Only surprise is that farmers are surprised about IFA boss’s pay

Pat Smith’s salary is no more or less troubling than that of any other successful executive

Former IFA general secretary Pat Smith. Photograph: Eric Luke/The Irish Times

Former IFA general secretary Pat Smith. Photograph: Eric Luke/The Irish Times

 

Every now and then something comes along that gives you a real insight into how Ireland works, or doesn’t work, depending on your perspective.

One of those moments was the announcement last week that the general secretary of the Irish Farmers’ Association was to resign amid concern about his pay package.

Pat Smith earned €445,000 last year and €535,000 the year before that . It is an eye-watering amount of money, particularly when you consider that the IFA’s income is about €13 million a year, mostly in the form of subs from its 88,000 members, plus some business interests and factory levies.

The first question that springs to mind is why was he was paid so much?

The IFA has a pretty unconventional structure, including a 53-member executive council, but it’s reasonable to assume Smith was not left to set his own salary.

The position is accountable to the council, according to the IFA, and the general secretary is also a member of the executive board, which is led by the IFA president, along with the deputy president and four regional chairmen, all of whom are elected.

The point about this is they are all farmers, and one would assume on this basis alone they are not fools when it comes to money.

It is scarcely credible to argue the executive committee did not know what Smith was being paid, and so far nobody has tried.

The IFA top brass must have had some rationale for paying Smith such a large salary, and the IFA president Eddie Downey gave some inkling of what it might be on Friday when he announced Smith’s resignation, which he described as “very regrettable and a great loss”.

Best outcome

That is all fine and dandy, but it still doesn’t sound like €445,000-worth.

Where is the bumper profit, the shareholder dividend, or the successfully completed mega merger that usually goes hand-in-hand with such stellar pay packets in the private sector?

Nowhere, of course. But what you do have is the budget. Consider the most recent one, Budget 2016, passed by the Dáil last month.

It contained tax reliefs for farmers totalling more than €13 million. Put another way, IFA members will be paying €13 million less in tax this year than they theoretically should.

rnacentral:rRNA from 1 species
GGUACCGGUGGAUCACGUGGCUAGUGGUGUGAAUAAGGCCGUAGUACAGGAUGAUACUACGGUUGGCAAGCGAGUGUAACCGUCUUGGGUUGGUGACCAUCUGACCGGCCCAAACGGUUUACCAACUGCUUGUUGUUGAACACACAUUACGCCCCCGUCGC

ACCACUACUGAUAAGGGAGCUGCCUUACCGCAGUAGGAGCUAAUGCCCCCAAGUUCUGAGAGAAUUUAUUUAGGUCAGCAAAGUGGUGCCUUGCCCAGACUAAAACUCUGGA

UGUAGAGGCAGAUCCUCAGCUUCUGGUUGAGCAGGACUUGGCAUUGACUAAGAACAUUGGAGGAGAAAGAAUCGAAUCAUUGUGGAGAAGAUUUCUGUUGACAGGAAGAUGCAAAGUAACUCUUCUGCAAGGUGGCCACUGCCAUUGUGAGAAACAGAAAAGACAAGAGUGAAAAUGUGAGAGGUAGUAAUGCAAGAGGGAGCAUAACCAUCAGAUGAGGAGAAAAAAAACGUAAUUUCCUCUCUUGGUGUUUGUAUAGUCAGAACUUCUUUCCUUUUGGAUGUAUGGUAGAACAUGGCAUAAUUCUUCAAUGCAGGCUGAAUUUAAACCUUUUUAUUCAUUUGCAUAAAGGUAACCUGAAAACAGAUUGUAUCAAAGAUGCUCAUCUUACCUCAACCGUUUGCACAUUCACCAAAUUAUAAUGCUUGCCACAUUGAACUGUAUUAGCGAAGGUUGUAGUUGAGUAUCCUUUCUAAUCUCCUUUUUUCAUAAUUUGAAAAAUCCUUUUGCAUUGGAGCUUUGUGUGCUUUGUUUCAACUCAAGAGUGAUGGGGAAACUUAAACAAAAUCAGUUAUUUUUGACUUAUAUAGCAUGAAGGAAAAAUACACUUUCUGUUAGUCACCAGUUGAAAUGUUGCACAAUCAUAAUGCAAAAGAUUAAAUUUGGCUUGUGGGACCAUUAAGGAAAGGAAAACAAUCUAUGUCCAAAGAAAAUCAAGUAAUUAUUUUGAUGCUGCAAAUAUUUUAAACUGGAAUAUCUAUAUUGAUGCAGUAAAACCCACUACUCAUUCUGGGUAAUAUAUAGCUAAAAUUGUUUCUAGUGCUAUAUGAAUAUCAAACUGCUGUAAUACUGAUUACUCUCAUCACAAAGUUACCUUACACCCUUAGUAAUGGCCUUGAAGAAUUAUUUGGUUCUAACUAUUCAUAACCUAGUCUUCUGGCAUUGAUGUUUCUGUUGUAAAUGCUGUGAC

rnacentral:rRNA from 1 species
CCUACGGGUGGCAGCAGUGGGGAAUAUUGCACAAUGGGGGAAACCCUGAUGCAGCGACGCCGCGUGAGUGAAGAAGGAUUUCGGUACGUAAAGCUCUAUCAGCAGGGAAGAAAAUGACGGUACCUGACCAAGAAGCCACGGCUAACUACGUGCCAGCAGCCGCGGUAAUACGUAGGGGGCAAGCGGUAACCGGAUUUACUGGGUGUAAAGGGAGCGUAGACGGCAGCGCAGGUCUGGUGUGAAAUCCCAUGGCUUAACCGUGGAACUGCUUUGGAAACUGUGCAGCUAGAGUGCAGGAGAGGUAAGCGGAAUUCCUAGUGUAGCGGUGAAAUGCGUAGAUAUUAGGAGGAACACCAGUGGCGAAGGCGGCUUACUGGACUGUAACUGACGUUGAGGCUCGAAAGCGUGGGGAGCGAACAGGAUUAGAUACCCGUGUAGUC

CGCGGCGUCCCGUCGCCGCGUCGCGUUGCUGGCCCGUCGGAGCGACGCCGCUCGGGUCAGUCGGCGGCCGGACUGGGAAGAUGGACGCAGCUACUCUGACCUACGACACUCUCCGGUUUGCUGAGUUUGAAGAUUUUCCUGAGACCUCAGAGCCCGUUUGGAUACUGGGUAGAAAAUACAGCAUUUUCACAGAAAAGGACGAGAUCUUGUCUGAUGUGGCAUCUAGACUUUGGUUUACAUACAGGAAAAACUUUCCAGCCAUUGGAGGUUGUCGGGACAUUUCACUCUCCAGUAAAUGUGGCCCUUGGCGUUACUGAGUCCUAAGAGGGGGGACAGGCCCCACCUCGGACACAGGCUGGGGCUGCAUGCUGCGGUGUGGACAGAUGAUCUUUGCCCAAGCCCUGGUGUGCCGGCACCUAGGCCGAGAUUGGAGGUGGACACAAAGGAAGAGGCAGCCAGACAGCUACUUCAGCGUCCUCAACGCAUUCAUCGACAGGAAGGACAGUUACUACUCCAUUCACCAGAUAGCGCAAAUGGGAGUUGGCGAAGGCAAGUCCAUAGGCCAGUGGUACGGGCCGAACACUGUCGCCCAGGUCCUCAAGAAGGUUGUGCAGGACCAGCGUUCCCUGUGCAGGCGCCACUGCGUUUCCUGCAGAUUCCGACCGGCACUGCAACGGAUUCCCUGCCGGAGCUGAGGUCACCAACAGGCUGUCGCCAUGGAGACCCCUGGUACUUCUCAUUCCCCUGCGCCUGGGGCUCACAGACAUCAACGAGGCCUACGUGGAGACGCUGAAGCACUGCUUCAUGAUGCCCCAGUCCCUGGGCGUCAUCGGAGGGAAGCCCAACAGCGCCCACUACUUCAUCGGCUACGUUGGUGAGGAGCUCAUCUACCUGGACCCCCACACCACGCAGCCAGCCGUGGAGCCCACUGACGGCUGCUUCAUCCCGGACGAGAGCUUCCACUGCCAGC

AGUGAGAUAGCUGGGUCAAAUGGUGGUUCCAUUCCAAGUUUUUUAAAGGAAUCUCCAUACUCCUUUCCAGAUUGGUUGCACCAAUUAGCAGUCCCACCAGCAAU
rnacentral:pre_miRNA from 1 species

The actual measures need not detain us. Suffice to say they are targeted at encouraging “young farmers” to invest and expand their farms.

The €13 million secured in the current budget pales compared to the almost €32 million in tax breaks for farmers contained in the 2015 budget.

We can reasonably assume the Minister for Finance did not just wake up on the morning of the budget and decide to give away our money to farmers.

He was lobbied and he was lobbied well, and it was by Smith and others.

The budget is only the most tangible manifestation of Smith’s work on behalf of the IFA, with its avowed mission “to improve the incomes and conditions of all farm families”.

Barely a week will pass without the IFA berating some Minister to hurry up and pay grants or telling milk suppliers to increase prices.

When you measure Smith’s pay packet up against the €45 million in tax breaks he helped secure over the past two years alone, it starts to look like reasonable value by the warped metrics of private sector executive pay.

Few Irish executives could claim to have delivered €45 million for 88,000 shareholders over the past two years.

Faustian bargain

The pressure to disclose his salary came from the grassroots, with local organisations in Carlow, Cork, Cavan, Louth and elsewhere all looking to be told what he earned, with the inevitable consequences.

Why didn’t they understand the Faustian bargain they had struck? They paid Smith a lot of money and he got them a lot of money.

Perhaps the answer lies in the IFA’s rather romantic vision of itself as some sort of national cultural icon, the guardian of rural Ireland and all that.

When you see it as most of us do - a machine for squeezing money out of the taxpayer for its members - Smith’s salary is no more or less troubling than that of any other successful executive.

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